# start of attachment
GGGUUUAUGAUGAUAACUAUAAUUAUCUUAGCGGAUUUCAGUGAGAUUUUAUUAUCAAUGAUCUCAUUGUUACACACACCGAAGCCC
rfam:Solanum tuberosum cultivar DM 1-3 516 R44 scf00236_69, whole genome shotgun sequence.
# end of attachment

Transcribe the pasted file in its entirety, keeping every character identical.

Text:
GGGUUUAUGAUGAUAACUAUAAUUAUCUUAGCGGAUUUCAGUGAGAUUUUAUUAUCAAUGAUCUCAUUGUUACACACACCGAAGCCC
rfam:Solanum tuberosum cultivar DM 1-3 516 R44 scf00236_69, whole genome shotgun sequence.